Propylitic alteration is ubiquitous. Moderate to intense K-feldspar alteration was noted in the Orphan Boy shaft and Python zone areas. Albitization was observed as extensive patches proximal to the Python zone and as small, discontinuous lenses in the Jet area.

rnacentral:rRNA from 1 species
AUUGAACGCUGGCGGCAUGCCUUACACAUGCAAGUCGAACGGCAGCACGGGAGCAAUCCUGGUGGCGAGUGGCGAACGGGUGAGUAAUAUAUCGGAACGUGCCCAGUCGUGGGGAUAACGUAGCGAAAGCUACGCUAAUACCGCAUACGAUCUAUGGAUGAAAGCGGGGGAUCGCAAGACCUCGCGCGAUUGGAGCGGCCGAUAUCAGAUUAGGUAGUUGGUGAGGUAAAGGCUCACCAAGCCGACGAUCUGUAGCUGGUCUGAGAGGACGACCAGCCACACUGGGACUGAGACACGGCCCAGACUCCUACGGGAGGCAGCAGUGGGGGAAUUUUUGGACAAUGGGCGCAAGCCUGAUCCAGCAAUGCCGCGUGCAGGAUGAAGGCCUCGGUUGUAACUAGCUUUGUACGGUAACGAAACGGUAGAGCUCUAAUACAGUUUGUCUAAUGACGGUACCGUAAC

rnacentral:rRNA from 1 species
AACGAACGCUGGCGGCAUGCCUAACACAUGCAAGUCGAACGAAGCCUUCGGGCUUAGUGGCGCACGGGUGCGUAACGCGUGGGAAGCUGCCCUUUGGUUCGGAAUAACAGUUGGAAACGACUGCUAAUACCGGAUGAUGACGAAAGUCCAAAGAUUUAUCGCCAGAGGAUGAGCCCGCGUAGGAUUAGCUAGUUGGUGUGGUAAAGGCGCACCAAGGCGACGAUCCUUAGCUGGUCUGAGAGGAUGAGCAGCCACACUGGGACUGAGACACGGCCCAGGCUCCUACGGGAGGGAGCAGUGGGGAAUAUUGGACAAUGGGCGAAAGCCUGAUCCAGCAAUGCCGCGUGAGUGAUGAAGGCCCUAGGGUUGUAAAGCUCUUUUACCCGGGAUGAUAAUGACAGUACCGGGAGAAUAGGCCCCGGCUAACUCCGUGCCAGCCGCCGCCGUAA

In 1987, BP Resources sampled old core from 14 previously drilled diamond-drill holes to evaluate the potential of the Copper Head and Noonday zones enhancement in gold, palladium and platinum. Generally, there is a rough but erratic correlation between the copper, gold and palladium levels; platinum levels are very low. A 1.8 metre intercept from DDH 78-1 in the Copper Head zone analysed 5.05 grams per tonne palladium, 2.24 grams per tonne gold and 0.55 per cent copper. A 3.6 metre intercept from DDH 72-3 in the Noonday zone analysed 0.62 gram per tonne palladium, 1.2 grams per tonne gold and 0.73 per cent copper. Results from the 1987-88 exploration indicate that significant copper-gold-palladium mineralization is restricted to the sheared picrite-diorite contact zone and its immediate hangingwall and/or footwall. This mineralization has been concentrated within the Copper Head and Noonday zones and their intervening section (Assessment Report 17946).